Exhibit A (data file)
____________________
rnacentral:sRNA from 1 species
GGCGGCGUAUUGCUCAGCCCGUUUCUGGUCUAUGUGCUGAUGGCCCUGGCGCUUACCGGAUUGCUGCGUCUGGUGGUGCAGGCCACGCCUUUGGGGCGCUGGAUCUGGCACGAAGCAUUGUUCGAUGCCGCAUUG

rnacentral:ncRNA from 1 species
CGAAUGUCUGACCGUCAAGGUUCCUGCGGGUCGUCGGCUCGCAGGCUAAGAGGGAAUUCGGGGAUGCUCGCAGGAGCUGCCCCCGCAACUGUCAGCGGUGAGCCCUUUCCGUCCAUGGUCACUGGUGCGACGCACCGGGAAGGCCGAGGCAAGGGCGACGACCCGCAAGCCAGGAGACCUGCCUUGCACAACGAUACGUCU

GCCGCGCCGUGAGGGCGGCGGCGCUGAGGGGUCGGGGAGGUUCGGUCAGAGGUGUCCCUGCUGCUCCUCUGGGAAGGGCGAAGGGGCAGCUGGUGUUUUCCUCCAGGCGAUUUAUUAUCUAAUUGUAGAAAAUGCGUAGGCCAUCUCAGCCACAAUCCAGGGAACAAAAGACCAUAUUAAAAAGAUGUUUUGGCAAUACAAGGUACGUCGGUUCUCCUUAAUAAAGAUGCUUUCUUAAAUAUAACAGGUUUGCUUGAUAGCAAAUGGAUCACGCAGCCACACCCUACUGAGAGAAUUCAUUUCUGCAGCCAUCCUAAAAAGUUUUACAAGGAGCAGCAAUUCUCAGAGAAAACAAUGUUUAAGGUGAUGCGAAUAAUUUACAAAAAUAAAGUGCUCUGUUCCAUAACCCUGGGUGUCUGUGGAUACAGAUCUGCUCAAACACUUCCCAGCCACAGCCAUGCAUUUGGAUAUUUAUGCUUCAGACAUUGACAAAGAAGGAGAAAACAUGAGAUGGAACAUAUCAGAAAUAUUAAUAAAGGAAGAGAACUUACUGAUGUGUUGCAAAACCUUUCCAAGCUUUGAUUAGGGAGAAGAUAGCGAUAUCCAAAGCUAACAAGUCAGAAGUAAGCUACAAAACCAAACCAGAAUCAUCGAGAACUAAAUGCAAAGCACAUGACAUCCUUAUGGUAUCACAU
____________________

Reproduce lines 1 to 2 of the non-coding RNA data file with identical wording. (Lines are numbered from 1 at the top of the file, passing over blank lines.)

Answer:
rnacentral:sRNA from 1 species
GGCGGCGUAUUGCUCAGCCCGUUUCUGGUCUAUGUGCUGAUGGCCCUGGCGCUUACCGGAUUGCUGCGUCUGGUGGUGCAGGCCACGCCUUUGGGGCGCUGGAUCUGGCACGAAGCAUUGUUCGAUGCCGCAUUG